Party Sanctioned, but not Counsel, for Party's Failure to Attend Mediation (Web)
February 2, 2005
Harrelson v. Hensley: Where party failed to attend court-ordered mediation, sanctions were proper against the party, but not against his counsel. Counsel did not encourage or otherwise participate in party’s decision not to attend the mediation.
Party Sanctioned, but not Counsel, for Party’s Failure to Attend Mediation
The District Court of Appeal of Florida issued sanctions against a party, but not against her attorney, after the party failed to show up for a court-ordered appellate mediation. The court had ordered that “parties with full settlement authority…are required to attend [the] mediation in person unless excused by the court.” Harrelson v. Hensley, 2005 WL 176608, at *1.
On the morning of the mediation, Harrelson’s counsel alerted Hensley’s attorney that Harrelson would not attend the mediation conference. The mediation went forward without Harrelson, but with her attorney. The mediation failed. In explaining her absence, Harrelson stated that she “has been so disturbed by the obnoxious conduct of Hensley’s counsel that she has become uncommunicative and willing only to allow counsel to continue to pursue her interest in this matter without her active involvement.” Id. at *1.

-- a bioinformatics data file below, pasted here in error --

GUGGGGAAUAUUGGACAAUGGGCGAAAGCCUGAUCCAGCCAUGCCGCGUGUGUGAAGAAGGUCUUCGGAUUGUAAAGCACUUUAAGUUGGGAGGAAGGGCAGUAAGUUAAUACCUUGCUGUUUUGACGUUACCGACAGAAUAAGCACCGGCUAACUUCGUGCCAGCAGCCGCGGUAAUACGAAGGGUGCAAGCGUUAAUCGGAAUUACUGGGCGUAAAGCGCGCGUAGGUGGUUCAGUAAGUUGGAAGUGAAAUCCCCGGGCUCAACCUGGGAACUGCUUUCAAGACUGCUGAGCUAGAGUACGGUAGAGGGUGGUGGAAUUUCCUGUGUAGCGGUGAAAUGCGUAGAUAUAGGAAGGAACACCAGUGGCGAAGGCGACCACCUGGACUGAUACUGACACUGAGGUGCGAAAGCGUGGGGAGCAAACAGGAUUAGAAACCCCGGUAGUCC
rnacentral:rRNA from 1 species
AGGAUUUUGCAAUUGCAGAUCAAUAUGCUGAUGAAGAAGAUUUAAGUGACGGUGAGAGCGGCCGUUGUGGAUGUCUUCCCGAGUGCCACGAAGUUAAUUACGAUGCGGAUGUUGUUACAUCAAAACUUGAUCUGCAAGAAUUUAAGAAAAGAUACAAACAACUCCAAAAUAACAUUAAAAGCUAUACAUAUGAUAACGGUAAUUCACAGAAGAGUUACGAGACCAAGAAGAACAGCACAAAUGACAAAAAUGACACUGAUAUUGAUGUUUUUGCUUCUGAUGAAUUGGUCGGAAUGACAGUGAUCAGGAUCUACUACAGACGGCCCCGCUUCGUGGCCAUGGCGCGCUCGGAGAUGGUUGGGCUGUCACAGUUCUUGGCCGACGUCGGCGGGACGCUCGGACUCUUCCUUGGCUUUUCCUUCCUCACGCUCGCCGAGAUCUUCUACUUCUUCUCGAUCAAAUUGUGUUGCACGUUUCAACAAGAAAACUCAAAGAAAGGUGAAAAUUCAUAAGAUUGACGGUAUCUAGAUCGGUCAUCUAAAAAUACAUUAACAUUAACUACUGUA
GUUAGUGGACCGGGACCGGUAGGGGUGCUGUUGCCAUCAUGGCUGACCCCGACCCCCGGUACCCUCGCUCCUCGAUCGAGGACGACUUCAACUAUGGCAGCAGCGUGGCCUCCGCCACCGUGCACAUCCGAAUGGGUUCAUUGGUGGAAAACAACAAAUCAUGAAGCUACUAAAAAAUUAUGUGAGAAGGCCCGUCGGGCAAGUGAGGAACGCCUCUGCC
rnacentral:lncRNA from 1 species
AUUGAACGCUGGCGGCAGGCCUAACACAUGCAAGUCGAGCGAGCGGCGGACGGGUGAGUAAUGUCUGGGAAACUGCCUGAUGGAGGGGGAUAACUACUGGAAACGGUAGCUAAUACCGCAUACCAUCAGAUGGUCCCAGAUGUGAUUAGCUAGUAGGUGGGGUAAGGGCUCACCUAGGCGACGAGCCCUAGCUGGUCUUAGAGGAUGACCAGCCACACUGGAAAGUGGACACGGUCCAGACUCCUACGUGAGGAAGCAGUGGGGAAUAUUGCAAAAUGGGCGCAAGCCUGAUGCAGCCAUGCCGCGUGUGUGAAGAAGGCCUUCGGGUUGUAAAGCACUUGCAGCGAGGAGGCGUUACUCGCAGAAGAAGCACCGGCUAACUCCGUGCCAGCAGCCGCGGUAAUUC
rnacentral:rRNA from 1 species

On January 28th, 2005, Judge Palmer of the Fifth Division ordered the sanctions against Harrelson. For her failure to attend the mediation, Harrelson was ordered to pay all fees charged by the mediator, the other party’s attorney fees and costs incurred in preparing for and attending the mediation, and $500 to the clerk of the court.
The motion for sanctions against Harrelson’s attorney failed because counsel did not “encourage or otherwise participate in Harrelson’s decision not to attend the court-ordered mediation.”
The order and opinion are available at 2005 WL 176608. If can also be found on the Fifth District’s website, http://www.5dca.org/Opinions/OpinionFrameset.htm.
Keywords: Mediation, Advocacy in ADR, State ADR, Court ADR